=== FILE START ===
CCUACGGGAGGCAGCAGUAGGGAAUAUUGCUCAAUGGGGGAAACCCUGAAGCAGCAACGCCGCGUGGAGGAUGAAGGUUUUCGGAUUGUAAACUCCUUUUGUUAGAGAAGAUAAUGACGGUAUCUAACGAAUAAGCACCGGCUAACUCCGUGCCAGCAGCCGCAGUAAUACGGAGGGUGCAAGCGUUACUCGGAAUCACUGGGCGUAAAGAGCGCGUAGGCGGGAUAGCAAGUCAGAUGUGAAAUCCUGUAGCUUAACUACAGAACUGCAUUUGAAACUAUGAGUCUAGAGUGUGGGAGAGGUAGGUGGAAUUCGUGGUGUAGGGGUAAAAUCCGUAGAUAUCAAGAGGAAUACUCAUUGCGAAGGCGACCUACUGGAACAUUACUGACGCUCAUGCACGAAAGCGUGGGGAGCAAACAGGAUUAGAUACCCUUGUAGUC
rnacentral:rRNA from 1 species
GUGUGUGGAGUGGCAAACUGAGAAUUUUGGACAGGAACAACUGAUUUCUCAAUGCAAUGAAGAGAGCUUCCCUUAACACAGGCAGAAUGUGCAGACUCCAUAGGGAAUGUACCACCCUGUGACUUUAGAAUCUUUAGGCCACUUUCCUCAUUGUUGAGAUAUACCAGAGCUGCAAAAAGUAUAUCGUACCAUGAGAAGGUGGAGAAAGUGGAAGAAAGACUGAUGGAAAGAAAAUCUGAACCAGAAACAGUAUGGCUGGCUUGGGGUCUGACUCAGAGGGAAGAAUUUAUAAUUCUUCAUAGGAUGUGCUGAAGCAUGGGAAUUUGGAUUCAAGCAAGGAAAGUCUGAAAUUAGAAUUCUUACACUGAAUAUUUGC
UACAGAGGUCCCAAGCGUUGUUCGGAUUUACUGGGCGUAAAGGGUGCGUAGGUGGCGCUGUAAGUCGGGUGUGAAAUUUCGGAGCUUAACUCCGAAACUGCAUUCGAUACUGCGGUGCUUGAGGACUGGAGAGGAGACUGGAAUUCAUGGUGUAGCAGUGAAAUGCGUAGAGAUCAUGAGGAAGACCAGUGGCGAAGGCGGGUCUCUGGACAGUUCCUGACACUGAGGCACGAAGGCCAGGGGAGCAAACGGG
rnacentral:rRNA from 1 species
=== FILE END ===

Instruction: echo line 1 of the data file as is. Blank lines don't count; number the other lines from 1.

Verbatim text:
CCUACGGGAGGCAGCAGUAGGGAAUAUUGCUCAAUGGGGGAAACCCUGAAGCAGCAACGCCGCGUGGAGGAUGAAGGUUUUCGGAUUGUAAACUCCUUUUGUUAGAGAAGAUAAUGACGGUAUCUAACGAAUAAGCACCGGCUAACUCCGUGCCAGCAGCCGCAGUAAUACGGAGGGUGCAAGCGUUACUCGGAAUCACUGGGCGUAAAGAGCGCGUAGGCGGGAUAGCAAGUCAGAUGUGAAAUCCUGUAGCUUAACUACAGAACUGCAUUUGAAACUAUGAGUCUAGAGUGUGGGAGAGGUAGGUGGAAUUCGUGGUGUAGGGGUAAAAUCCGUAGAUAUCAAGAGGAAUACUCAUUGCGAAGGCGACCUACUGGAACAUUACUGACGCUCAUGCACGAAAGCGUGGGGAGCAAACAGGAUUAGAUACCCUUGUAGUC